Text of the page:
Abstract: Understanding the Dynamics of $2-a-Day Poverty in the United States (Society for Social Work and Research 20th Annual Conference - Grand Challenges for Social Work: Setting a Research Agenda for the Future)

Understanding the Dynamics of $2-a-Day Poverty in the United States

Sunday, January 17, 2016: 9:00 AM
Meeting Room Level-Mount Vernon Square B (Renaissance Washington, DC Downtown Hotel)
* noted as presenting author
H. Luke Shaefer, PhD, Assistant Professor, University of Michigan-Ann Arbor, Ann Arbor, MI
Kathryn Edin, PhD, Bloomberg Distinguished Professor, Johns Hopkins University, Baltimore, MD
Elizabeth Talbert, MPP, MS, Graduate Student, Johns Hopkins University, Baltimore, MD
Background and Purpose: Shaefer and Edin (2013) find a large rise in “extreme poverty” (defined as household cash incomes of no more than $2 per person, per day as measured in a given month or calendar quarter) among U.S. households with children between 1996 and 2011. In this paper we explore some of the underlying dynamics of this phenomenon, which we refer to a “$2-a-day poverty.”

Methods: This study uses an “iterative” mixed methods approach, in which both qualitative and quantitative research has been conducted simultaneously, with each line of inquiry informing the other. Our ongoing ethnographic research occurred in four field sites with 18 families whom had recently lived under the $2-a-day threshold for a calendar quarter. We met with all of sample members multiple times, identifying common themes across cases.

For quantitative analyses, data are drawn from the Survey of Income and Program Participation (SIPP, a nationally representative, longitudinal, sample of the U.S. non-institutionalized population, collected in panels lasting <= five years. Estimates are presented for calendar years: 1996; 2005; and 2012.

SIPP calendar year weights allow us to follow a nationally representative sample of children, <=18 years old, who remain in the SIPP sample for a full calendar year. We restrict to children in households with low assets and annual incomes below 150% of poverty. Standard errors are adjusted using Stata’s svy routine.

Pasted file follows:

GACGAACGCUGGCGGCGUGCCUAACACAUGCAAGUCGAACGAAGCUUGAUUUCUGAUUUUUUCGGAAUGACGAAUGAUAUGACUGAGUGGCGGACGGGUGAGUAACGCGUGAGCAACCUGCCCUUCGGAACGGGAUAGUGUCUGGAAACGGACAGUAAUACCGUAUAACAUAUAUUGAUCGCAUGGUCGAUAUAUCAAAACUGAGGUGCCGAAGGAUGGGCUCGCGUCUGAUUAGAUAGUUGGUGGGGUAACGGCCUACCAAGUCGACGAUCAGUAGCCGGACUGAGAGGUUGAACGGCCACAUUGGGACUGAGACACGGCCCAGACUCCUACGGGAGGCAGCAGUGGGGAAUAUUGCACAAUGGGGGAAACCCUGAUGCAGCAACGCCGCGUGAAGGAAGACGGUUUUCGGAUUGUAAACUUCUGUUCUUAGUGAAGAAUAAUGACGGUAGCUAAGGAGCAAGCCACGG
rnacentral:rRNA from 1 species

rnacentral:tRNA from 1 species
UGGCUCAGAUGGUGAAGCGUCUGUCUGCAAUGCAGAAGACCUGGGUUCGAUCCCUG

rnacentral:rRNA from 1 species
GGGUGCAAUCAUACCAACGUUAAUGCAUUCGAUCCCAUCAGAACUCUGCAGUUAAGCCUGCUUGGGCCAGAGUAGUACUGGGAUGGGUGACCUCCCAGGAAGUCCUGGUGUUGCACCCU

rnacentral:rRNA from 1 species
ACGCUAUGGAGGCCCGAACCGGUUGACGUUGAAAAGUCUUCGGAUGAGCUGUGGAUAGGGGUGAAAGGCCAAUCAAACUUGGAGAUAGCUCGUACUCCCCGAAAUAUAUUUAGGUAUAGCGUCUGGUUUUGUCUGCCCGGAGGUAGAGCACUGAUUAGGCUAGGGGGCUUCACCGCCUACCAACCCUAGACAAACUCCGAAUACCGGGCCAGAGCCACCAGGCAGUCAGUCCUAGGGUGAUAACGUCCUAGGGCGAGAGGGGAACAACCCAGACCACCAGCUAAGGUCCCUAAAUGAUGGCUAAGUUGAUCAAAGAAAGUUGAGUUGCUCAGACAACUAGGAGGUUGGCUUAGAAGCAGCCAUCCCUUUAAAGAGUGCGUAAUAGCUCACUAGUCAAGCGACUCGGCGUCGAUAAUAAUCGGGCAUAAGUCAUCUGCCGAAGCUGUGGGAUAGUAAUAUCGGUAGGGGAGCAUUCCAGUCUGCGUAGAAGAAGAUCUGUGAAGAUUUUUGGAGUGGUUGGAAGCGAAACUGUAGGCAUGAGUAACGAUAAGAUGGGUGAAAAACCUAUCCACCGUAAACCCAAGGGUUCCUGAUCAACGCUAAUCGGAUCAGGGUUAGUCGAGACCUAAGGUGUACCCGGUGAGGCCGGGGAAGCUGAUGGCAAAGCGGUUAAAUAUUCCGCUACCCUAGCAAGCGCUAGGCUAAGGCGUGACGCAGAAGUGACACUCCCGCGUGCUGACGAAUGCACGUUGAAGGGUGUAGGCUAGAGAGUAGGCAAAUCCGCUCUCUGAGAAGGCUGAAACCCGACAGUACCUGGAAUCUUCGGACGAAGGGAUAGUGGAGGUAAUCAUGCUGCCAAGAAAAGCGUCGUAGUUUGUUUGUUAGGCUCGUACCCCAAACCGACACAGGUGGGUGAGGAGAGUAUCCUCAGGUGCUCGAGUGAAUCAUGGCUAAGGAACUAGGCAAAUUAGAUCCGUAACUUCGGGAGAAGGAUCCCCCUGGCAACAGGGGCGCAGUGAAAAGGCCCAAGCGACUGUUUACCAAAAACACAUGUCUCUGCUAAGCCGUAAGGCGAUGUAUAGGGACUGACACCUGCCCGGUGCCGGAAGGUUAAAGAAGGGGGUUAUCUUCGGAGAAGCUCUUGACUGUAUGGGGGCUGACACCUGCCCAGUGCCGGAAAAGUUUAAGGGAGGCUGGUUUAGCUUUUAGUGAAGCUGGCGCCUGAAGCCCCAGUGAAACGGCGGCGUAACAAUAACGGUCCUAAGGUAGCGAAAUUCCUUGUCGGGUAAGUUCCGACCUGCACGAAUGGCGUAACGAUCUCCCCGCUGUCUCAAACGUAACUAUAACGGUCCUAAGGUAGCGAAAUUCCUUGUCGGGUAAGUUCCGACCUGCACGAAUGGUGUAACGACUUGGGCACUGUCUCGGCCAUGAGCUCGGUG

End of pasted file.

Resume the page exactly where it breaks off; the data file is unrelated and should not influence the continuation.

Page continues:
Results: Examining children longitudinally, we find that the changes in the incidence of $2-a-day poverty between 1996 and 2012 are concentrated among children experiencing such a state chronically, with 7 or more months under the $2-a-day threshold during a calendar year. Growth in chronic extreme poverty is seen using both the cash only definition and after accounting for SNAP. We find that 70% of children who experienced $2-a-day poverty in 2012 lived in a household where an adult worked for at least one full month during the year, while only 10.8 percent lived in households that reported TANF during the year. We find that change in the employment of household adults is a key predictor of change in extreme poverty status. Finally, we find evidence suggesting that households experiencing $2-a-day poverty are more likely to face certain material hardships than other low-income households.

Conclusions and Implications: The descriptive analyses presented here do not fully clarify the causal mechanisms driving the rise in $2-a-day poverty. We hypothesize that the virtual disappearance of a cash safety net for non-workers has played an important role, as has the extended period of high unemployment that has accompanied the Great Recession. Whatever the exact causal relationship, the results presented here offer more evidence that there has been a fundamental shift in the circumstances of households with children at the very bottom in the U.S. What’s more, rising rates of spells of very low income are concentrated among children experiencing such spells chronically, rather that episodically. Such findings raise important questions about the adequacy of the U.S. means-tested income safety net.